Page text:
Today began like most other days. It saw me starting out, as usual, with a fresh coffee at Dunkin Donuts - one extra cream, no sugar. I traded the usual good-morning barbs with my boss and co-worker: "It's amazing you and I aren't sick of each other, Bob." "Speak for yourself, Bill," Bob shot back.
"Oh just great! You're still here, Cindy?" Her warm reply: "You just worry about yourself, Bill. And if you don't stop delivering flowers to the wrong address, Bob is going to let go of your ass!"
All was right with the world. I was resoundingly insulted and abused getting my day off to its familiar start. My first few deliveries came and went without a hitch, and before I knew it my 11:00 a.m. caffeine craving was surfacing right on schedule. But this day was about to take a turn for the unusual. As I neared the entrance to, where else - Dunkin Donuts, a man approached me - disheveled, unshaven, and obviously down on his luck.
"Buddy, can you please buy me a sandwich? Please? I'm havin' a tough time here." He was actually escorting me into the coffee shop when I stopped and said to him, "Look, they may not take too kindly to your accosting their customers in here, so just wait outside. I'll be right back." He gave me a funny look for a moment - as if he didn't know what the word "accosted" meant. But the look on his face revealed an emerging hope that the rest of my words must have given him, and he dutifully retreated to the street corner to wait and see if his desperate plea would bare any fruit.
In the few moments I had waiting to be attended to, I weighed my options. My decision was an easy one. Disregarding the risk of promoting panhandling, I thought the right thing to do was to buy this man a sandwich. Hunger is such an immediate need.
I saw my friend's plight as a direct consequence of the financial meltdown on Wall Street. It was having an effect on everyone, from the CEOs of Lehman Brothers and AIG having to so sadly forgo a few million dollars in bonuses, to hedge fund managers becoming apoplectic at the thought of not being able to bring a 30% return on some clients' portfolios; all the way down to Mr. & Mrs. John Q. Public having to weigh not paying this month's mortgage because their heating bills for the winter are coming due; and finally down to my street-corner hobo friend needing something to eat - right away. Maybe this was what they meant by trickle-down economics.
It's possible my hungry associate gave up hope as I had to go looking for him when I came out of the coffee shop. He was meandering in the opposite direction so I picked up my pace and caught up to him to give him his small but important gift. His face lit up at the sight of my approaching carrying a take-out bag from the shop.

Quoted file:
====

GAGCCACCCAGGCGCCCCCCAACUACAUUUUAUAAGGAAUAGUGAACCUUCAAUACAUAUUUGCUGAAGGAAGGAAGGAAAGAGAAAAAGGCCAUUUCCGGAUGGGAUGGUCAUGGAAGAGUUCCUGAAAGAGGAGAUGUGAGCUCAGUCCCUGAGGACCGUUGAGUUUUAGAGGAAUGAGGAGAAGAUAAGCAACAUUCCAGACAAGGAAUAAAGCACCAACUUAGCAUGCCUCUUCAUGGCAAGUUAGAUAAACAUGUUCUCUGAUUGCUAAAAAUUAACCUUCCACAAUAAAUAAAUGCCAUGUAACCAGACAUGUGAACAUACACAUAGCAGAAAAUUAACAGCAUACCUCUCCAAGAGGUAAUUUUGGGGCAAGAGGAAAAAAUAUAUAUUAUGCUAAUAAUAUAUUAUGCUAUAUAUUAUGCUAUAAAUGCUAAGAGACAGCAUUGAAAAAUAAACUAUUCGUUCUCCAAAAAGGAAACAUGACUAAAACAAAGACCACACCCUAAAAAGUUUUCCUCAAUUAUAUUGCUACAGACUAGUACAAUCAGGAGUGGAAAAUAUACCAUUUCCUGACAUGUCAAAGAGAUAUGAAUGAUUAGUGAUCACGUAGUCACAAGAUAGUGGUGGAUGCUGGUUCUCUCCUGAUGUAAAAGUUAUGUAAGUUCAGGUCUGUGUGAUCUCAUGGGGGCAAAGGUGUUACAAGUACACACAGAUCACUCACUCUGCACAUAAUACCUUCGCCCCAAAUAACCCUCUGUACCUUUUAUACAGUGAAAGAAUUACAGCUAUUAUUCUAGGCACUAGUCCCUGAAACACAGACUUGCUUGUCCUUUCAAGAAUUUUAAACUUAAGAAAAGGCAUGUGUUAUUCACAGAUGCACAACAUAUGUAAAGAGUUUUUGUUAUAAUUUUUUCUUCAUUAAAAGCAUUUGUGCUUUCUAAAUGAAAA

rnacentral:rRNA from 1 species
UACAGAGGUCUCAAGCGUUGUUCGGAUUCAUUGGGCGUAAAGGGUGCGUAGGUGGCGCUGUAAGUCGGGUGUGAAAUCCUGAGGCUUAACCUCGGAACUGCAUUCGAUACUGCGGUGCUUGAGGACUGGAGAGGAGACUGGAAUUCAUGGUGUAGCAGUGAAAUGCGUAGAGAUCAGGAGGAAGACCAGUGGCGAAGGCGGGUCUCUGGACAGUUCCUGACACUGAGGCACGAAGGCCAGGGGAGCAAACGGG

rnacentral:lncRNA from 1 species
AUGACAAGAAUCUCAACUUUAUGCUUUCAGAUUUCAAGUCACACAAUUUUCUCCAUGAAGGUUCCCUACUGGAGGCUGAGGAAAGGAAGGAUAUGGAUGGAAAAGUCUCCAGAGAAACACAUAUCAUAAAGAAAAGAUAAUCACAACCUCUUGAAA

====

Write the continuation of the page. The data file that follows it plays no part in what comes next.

"You didn't! Oh thank you, buddy. Thank you so much."
Being the nut case that I am, I couldn't stop myself from offering a few words of advice: "Look, the Social Services office is just down the street. Go there and tell them you need some assistance. That's what they are there for. You're just going to get yourself in trouble if you stay out here panhandling like this."
You're not going to get me in trouble are you, sir?"
"No. no. Of course not. But, you know, some people might not be so kind," I said to him giving myself a virtual pat on the back.
I was left to ponder the value of my deed of generosity. Did it make a difference? I thought it did. It wasn't exactly your average $700 billion bailout, but for a precious moment, we eased a little suffering. And we satisfied not only a craving for food, but almost as importantly, a craving for intimacy. My friend gave me a firm hug before crossing the street to settle at a bench and make a feast of his sandwich.
Isn't it always the way? You set out to do something kind for someone and you end up being the recipient of an even greater act of kindness in return - from the very person you helped! For a fleeting moment, I saw myself as a panhandler, too, groping for a smattering of intimacy from my fellow man - and being willing to pay for it in the currency of a ham, egg, and cheese croissant.
My friend and I were there for one another in this encounter of reciprocity, and each of us came away with that which we hungered for: he, something to fill his stomach, and I, something to fill my spirit.
Such wonderful symbiosis!
3 years ago